occupy our street

Over at the Wall Street Journal, they are reporting that young men have been hit hardest by the recession, especially if they didn’t go to college.

For men with a high school diploma between 20 and 24 the unemployment rate is over 22%, and over 14% for those between 25 and 30. These rates are only slightly lower than those who didn’t even finish high school.

This is partly because the job sectors that hire young men who didn’t go to college are down, like construction and manufacturing. Women in these groups, without high school, fare 3 or 4 points better, but only because helping and service jobs are hiring, if not paying well.

And keep in mind that these high rates of unemployment among young men are occurring while we have two or three wars going. As soldiers return, with more discipline and experience, it can only get worse for 20 something men who didn’t go to college or join the army.

On the other hand, the unemployment rate for men and women who did finish college is 7.7% for those under 24, and 4.2% for those between 25 and 34. Even factoring in their huge school bills, they are probably better off—since their unemployment rate is even lower than the national average.

But frankly even college grads are competing for low end jobs, and often taking the jobs these younger, less educated men would have taken before. It remains to be seen the impact of these trends. But some research indicates young people who are unemployed tend to

    * believe success depends more on luck than effort
    * support government redistribution programs
    * have less faith in public institutions

You wish they would have more faith in God. Historically hard times have prompted more prayer. But these kids have parents who have been less likely to go to church and their schools have been much less likely to recognize God in any way.

I’ve met these guys. The county where our church is has a lot of them, a county where finishing high school and getting a job in an automotive-related plant has been the standard of success for decades.

Churches should engage them. But how do we find these guys? How do we help them? Where can we point them? They often lack the right attitudes. And the right skills.

What is our responsibility to a generation of angry young men, men who drink too much and fight too much? And how is the problem in rural counties compounded in the larger cities? How can the demons be cast out, except by prayer and fasting?

Such needs should be enough to drive them, and us, to our knees. Great need could be the fertile soil of revival, as it has been in times past.

We could, of course, keep waiting for the lenders and the legislators to solve this problem for us. Another war tends to be their preferred solution.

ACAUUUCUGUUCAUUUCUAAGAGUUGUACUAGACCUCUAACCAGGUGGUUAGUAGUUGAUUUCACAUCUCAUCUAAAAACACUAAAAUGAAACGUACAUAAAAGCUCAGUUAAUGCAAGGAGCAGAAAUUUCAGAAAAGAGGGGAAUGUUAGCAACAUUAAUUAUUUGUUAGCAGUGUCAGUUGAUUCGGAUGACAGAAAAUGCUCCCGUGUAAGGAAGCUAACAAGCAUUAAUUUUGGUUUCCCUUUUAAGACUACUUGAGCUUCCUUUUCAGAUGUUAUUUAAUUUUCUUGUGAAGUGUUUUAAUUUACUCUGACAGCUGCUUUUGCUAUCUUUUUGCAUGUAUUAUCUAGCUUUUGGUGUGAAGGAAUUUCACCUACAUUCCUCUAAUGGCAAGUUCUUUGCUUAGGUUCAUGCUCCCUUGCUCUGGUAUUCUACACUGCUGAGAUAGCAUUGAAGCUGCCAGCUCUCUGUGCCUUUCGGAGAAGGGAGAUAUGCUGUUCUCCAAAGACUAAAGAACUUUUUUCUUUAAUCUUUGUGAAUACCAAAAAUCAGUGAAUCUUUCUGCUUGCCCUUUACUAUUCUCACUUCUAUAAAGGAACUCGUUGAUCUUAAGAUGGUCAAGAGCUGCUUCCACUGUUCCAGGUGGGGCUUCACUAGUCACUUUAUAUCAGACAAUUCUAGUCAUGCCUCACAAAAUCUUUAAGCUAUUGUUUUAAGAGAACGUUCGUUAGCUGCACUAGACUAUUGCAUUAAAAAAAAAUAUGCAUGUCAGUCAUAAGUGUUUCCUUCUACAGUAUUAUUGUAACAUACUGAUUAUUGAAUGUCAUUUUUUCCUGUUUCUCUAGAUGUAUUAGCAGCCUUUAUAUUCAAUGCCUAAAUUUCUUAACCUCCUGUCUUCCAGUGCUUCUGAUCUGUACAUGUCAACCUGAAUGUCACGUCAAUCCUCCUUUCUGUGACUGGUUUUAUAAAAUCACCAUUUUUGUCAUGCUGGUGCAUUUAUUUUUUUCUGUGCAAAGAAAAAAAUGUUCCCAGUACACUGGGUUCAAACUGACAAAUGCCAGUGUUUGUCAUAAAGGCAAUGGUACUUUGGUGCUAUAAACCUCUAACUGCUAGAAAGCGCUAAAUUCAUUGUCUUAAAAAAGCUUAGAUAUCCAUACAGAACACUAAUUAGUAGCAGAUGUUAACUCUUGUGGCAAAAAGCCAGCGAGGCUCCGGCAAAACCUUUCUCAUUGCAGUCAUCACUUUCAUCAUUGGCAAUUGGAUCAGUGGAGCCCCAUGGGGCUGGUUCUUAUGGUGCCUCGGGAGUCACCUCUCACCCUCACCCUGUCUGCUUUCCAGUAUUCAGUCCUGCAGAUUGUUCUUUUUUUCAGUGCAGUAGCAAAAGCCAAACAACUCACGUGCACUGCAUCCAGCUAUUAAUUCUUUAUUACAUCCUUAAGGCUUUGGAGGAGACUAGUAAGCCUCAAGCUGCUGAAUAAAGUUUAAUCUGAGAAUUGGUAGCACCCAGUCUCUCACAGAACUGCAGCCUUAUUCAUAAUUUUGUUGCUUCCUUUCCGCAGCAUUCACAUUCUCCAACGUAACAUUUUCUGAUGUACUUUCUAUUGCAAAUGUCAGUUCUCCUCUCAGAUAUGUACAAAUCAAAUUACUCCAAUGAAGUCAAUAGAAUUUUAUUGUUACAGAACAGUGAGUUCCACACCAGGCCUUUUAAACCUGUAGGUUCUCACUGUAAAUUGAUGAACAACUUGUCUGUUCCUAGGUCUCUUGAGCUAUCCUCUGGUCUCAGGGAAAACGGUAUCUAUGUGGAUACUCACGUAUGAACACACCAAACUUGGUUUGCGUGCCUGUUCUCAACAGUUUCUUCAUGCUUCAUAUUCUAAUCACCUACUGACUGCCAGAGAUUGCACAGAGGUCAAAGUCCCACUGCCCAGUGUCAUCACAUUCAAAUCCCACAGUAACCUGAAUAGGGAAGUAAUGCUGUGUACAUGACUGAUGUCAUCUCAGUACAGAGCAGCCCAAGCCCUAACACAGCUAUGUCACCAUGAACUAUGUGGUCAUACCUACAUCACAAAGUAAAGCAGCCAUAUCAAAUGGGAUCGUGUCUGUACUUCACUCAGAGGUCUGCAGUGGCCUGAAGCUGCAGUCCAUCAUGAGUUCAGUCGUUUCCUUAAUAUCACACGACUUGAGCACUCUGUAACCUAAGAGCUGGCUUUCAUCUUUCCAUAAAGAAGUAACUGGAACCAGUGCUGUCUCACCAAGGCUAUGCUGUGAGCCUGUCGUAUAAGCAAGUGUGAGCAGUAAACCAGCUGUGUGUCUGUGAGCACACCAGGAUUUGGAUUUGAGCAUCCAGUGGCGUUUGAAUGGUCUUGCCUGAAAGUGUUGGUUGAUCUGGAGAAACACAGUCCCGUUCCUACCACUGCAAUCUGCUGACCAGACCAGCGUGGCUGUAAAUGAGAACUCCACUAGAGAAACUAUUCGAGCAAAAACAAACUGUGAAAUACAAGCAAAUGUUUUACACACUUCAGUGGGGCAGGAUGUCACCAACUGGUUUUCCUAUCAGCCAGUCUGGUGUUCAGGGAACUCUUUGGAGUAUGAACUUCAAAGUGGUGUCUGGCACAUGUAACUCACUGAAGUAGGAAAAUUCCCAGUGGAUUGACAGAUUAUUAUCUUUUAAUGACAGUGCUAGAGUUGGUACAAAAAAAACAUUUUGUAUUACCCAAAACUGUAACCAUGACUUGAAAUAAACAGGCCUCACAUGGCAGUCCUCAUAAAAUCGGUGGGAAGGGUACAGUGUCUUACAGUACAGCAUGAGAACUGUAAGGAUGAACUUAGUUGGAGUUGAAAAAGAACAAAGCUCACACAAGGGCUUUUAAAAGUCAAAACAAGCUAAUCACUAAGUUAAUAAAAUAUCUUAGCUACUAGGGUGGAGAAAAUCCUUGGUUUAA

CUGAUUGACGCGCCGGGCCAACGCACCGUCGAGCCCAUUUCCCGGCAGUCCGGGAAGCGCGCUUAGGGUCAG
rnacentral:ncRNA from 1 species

Or we could love, mentor and hire a generation of young people, men and women, college educated or not, who need more skills than we’ve taught them, more hope than we’ve given them, and more character than we’ve shown them.

When we do this, and when our churches do this, charity will thrive and entrepreneurship will emerge. Those of means will creatively engage those with needs, next door and in our neighborhoods.

We’re running out of time.

_____________________
What can churches do? Or individuals?
_____________________

See related posts—

Why are men so angry?

Men will be boys

On Occupy Wall Street

Occupy my street

Dear Wall Street banker

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About wally metts

Wally Metts is the daysman. He is director of graduate studies in communication at Spring Arbor University and is a pastor at Countryside Bible Church in Jonesville, MI. The father of four adult children, he and his wife Katie raise barn cats and Christmas trees in Michigan. His grandchildren call him Santa.

2 Responses to “occupy our street”

  1. What I find interesting here is a lack of fellowship, (koinonia,) or what would be described as intimate relationship in our society. A majority of people have embraced the idea that we should be able to take of ourselves, or if we don’t we have a weakness. In years past we were able to connect our young men and women within our church community and people in our friendship networks to help guide them to employment. It is almost as if when we sent our jobs to the ends of the world to save money in production, it evaporated those links that helped us grow “community”. Now the elite members of our society who benefited from the foreign job labor desire to quickly quell this rebellion and disorder. Sadly they are without much interest in trying to reconnect our youth in a healthy community of networking to find work. What will probably result, is another example of what happened in the 60’s where they will develop their own network of anger that will disrupt our society even more.

  2. Wally, thanks for this post these words resonated with me as a 29 year old who went through a year of part time employment and who is now thankfully employed as a science teacher.

    “Or we could love, mentor and hire a generation of young people, men and women, college educated or not, who need more skills than we’ve taught them, more hope than we’ve given them, and more character than we’ve shown them.

    When we do this, and when our churches do this, charity will thrive and entrepreneurship will emerge. Those of means will creatively engage those with needs, next door and in our neighborhoods.”

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